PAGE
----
As for the data speeds, HSPA+ may not be as zippy as LTE, nevertheless it's for all that plenty fast. We're not talking a Sprint-3G-level drop here; to be honest, in most practical phone-based uses -- Web browsing, social media use, and the likes -- I've found it tough to tell much of a noticeable difference. The main difference I can tell is in battery life: During the Verizon Galaxy Nexus is notorious for burning through battery power, the HSPA+ version of the phone has some admirable stamina. Chalk that up as another perk of the change.

There is, clearly, the cost of termination: I signed a two-year contract with Verizon when I bought my original Galaxy Nexus, and they don't let you out of those suckers without some serious bruises. Verizon's early termination fee for smartphones is $350 minus $10 for every full month of your contract you've completed.

That means I'll pay $270 to get out of my contract early. And yes, that actually sucks. Nevertheless when I factor in the amount of money I'll save each month, I'll more than make up that cost by the end of the year. And by the time my two-year contract term would have expired, I'll have made up the cost of the HSPA+ phone, too -- and saved an additional $300 on top of that.

I've been using my new HSPA+ Galaxy Nexus with T-Mobile service for a little over a week now. So far, I couldn't be happier: I have a true Nexus phone with Android 4.1. I have no bloatware and no carrier-added restrictions governing what I can and cannot do with my phone. And, most important of all, I'll continue to get OS upgrades suddenly in the future -- as before long as they're released from Google, with no carrier-added delays. This is the true Nexus experience, not the crap-encrusted Verizon version.

The technological benefits

Aside from the technological benefits, I'm pretty damn pleased with the long-term financial savings and lack of extended commitment my new setup provides. I feel like I've when all is said and done broken free from the chains the carriers have had us in for so many years. My phone is my phone, and I'm paying only for what service I want, when I want it. I'm paying about $600 a year less than I did with Verizon -- and if a better deal comes along in six months, I'm free to jump ship and move around as I please. It's as a matter of fact quite liberating.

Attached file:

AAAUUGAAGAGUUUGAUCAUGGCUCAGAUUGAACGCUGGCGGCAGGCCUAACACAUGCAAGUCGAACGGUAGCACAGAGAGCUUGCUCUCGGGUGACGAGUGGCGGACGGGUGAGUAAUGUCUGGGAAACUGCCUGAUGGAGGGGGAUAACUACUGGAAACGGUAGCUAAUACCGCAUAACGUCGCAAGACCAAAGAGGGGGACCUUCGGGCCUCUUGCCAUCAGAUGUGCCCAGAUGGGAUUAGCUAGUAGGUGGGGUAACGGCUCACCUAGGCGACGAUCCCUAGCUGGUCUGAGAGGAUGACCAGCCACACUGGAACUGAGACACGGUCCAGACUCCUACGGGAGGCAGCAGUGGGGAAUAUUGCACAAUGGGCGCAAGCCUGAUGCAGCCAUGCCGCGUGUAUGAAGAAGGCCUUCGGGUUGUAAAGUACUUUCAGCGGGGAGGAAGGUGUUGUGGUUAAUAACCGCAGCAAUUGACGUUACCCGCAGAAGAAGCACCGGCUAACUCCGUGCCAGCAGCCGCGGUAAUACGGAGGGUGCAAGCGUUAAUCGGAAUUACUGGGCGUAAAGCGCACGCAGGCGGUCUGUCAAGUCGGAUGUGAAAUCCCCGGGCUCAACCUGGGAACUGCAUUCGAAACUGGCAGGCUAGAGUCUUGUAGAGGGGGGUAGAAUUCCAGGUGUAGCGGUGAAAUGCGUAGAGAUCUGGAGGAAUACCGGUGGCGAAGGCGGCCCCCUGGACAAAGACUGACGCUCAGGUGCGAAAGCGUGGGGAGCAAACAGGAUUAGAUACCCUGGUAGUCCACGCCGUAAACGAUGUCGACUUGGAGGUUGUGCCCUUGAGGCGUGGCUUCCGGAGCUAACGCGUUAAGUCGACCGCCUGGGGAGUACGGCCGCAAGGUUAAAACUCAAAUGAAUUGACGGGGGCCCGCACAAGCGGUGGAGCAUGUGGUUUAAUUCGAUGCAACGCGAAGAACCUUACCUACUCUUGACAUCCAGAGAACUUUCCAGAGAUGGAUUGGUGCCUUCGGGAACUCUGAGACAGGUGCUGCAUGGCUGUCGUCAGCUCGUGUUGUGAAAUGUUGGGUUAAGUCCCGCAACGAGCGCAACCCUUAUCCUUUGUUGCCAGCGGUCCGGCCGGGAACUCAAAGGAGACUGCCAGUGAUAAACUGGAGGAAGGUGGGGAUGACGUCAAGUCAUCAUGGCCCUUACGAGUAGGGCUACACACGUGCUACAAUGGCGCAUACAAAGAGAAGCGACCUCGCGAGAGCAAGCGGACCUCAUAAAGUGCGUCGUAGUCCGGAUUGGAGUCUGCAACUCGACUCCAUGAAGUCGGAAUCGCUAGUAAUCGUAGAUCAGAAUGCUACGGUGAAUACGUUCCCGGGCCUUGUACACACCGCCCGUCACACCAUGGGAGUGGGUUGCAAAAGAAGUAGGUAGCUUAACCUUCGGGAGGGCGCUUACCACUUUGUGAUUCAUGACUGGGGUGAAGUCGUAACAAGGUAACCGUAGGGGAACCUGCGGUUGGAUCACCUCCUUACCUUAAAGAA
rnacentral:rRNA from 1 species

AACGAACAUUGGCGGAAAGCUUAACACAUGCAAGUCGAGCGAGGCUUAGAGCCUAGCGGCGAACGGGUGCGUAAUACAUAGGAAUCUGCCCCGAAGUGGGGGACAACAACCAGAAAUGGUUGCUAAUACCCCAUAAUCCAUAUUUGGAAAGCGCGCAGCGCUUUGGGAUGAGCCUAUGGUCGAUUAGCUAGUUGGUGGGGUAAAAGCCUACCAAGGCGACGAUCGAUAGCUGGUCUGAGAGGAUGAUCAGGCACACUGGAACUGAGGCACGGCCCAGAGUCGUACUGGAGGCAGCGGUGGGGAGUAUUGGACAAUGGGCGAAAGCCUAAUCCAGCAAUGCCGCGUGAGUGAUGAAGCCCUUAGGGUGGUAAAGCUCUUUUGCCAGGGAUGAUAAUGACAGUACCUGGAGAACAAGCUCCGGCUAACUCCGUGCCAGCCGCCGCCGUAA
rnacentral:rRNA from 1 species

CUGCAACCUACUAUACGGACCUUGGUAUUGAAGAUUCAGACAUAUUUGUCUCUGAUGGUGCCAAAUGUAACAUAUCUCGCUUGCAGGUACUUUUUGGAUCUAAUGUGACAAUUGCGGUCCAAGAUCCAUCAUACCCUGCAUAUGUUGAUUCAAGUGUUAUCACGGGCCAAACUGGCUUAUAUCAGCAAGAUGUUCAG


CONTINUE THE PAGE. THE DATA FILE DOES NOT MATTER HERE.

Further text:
Now, to be clear, I'm not saying the Verizon Galaxy Nexus is a terrible device -- not anything near it. If I were to limit myself to Verizon's network right now, it's after all the phone I'd pick. In terms of user interface, the device gives you a stock Google experience, which is vastly superior to the muddled and cluttered UIs most manufacturers insist on creating. And in terms of Android upgrades, relatively speaking, it nevertheless leaves you in far better shape than you'd be in with any non-Nexus device.

The problem is that compared to the true Nexus experience -- the one Google promises and as a matter of fact provides on unlocked phones outside of Verizon -- the Verizon Galaxy Nexus falls short. Within Google's Nexus universe, the Verizon model makes you a second-class citizen. And that's a designation I'm ready to leave behind.

It's easy to play the blame game -- a Google engineer once said that "operator approvals" are at fault for the slow upgrades with carrier-based Google devices -- however the truth is that Verizon's Galaxy Nexus represents a failure by all parties. Verizon failed to deliver on what a Nexus phone is promised to be. And Google failed by allowing Verizon to carry its Nexus name without fully committing to its Nexus model.

More than anything, I wish Google had been more honest about the realities of the Verizon Galaxy Nexus from the start. Nexus products appeal to some of Google's most loyal Android enthusiasts. Those people, along with the rest of the phone-buying population, deserve better than a half-fulfilled version of what a phone is promised to be.

• Android 4.1, Jelly Bean: The complete FAQ • Android 4.1, Jelly Bean: Hands-on impressions • Smartphone service for $30 a month? Yes, please

More information: Computerworld